Minnesota treasure: The common loon

Ben Stoterau
Scientists believe loons can live for 30 or more years in the wild.

The common loon – or Minnesota’s state bird – is one of the unique treasures found on Minnesota lakes throughout the summer.

Minnesota is home to more common loons than any other state except Alaska.

On a recent trip to Lake Mary (just outside of Alexandria) I was fortunate enough to see a pair of loons up close.

The pair would disappear under the water and reappear 100 feet away.

The common loon is extremely clumsy when out of the water, but on the water they are extremely quick swimmers and when in the air can reach speeds of up to 75 miles per hour. Scientists believe loons can live for 30 or more years in the wild. 

Loon fun facts

• The bones of most birds are hollow and light, but loons have solid bones.

• The extra weight helps them dive as deep as 250 feet to search for food.

• Loons can stay under water for up to five minutes.

• Because their bodies are heavy relative to their wing size, loons need a 100-600 foot “runway” in order to take off from a lake.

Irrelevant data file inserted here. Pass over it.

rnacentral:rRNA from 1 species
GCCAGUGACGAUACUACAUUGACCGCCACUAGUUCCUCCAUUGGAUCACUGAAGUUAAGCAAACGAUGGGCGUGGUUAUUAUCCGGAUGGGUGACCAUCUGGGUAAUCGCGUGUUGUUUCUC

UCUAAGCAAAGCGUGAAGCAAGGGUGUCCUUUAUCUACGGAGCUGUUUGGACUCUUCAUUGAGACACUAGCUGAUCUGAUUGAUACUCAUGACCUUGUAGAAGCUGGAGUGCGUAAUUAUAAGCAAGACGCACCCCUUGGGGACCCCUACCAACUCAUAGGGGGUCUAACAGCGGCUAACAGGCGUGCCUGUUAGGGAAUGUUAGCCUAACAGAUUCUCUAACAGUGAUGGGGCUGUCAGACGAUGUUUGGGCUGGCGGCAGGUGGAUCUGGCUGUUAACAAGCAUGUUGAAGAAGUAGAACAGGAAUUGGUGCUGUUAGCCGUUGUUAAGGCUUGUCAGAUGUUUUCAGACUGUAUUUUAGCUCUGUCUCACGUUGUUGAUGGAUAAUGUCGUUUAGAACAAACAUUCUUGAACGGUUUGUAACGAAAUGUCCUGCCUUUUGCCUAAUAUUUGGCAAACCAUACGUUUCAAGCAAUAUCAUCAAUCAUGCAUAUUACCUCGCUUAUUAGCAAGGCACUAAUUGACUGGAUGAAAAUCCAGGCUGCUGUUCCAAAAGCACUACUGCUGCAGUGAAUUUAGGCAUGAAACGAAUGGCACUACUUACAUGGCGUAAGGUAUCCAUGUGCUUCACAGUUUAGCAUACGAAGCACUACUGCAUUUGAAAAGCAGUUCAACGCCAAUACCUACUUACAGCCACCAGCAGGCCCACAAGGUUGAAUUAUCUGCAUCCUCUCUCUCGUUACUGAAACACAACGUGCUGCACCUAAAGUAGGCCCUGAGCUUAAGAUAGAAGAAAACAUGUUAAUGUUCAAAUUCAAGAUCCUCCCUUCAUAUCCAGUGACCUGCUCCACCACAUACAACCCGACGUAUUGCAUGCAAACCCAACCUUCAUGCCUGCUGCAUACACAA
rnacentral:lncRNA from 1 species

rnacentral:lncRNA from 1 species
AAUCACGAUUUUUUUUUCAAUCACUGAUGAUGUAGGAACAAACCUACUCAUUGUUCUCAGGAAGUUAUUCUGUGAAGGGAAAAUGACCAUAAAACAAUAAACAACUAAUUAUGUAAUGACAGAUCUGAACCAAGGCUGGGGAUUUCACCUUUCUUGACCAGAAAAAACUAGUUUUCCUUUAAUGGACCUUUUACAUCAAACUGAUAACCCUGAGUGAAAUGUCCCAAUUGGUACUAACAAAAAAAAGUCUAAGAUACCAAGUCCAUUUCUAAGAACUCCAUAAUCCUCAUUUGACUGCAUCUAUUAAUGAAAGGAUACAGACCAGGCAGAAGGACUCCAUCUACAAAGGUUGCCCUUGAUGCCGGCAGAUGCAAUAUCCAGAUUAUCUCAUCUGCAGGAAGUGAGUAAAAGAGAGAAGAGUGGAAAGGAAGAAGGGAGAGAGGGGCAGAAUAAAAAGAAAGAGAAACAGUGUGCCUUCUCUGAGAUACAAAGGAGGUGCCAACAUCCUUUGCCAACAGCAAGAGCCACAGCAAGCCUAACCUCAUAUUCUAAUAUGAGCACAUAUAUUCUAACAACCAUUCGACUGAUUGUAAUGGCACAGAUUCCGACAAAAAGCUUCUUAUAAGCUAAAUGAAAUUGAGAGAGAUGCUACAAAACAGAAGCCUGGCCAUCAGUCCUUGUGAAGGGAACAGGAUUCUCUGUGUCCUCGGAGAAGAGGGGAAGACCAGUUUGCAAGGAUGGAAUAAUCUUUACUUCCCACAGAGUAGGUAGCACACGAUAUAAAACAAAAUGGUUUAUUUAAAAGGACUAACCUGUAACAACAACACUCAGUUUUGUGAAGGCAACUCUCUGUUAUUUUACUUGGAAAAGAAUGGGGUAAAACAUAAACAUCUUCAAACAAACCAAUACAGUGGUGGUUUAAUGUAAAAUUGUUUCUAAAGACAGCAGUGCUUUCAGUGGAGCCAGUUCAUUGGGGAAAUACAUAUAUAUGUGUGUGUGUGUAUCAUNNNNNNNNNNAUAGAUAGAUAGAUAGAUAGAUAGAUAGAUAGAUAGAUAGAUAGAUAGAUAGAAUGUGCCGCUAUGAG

• The red in the loon’s eye helps it to see underwater.

• Loons are able to fly in speeds of up to 75 miles per hour.

• In September, Minnesota’s adult loons travel to their winter home along the Atlantic coast from North Carolina to Florida or the Gulf of Mexico. Younger loons follow a month or so later.

• The common loon has four calls. The tremolo, which sounds a bit like maniacal laughter. The wail, which is a long, drawn-out sound. The hoot, a shorter call to communicate with the young. The yodel is the final sound made by male loons guarding their territory.

• Adult loons weigh from eight to12 pounds, and its legs are set far back on its body, so it has an awkward gait on land.

• The loon became Minnesota’s state bird in 1961.

• Loons are more closely related to penguins than to any North American waterfowl.

• Loons are the provincial bird of Ontario and are depicted on the Canadian one dollar coin, which is known as the “loonie."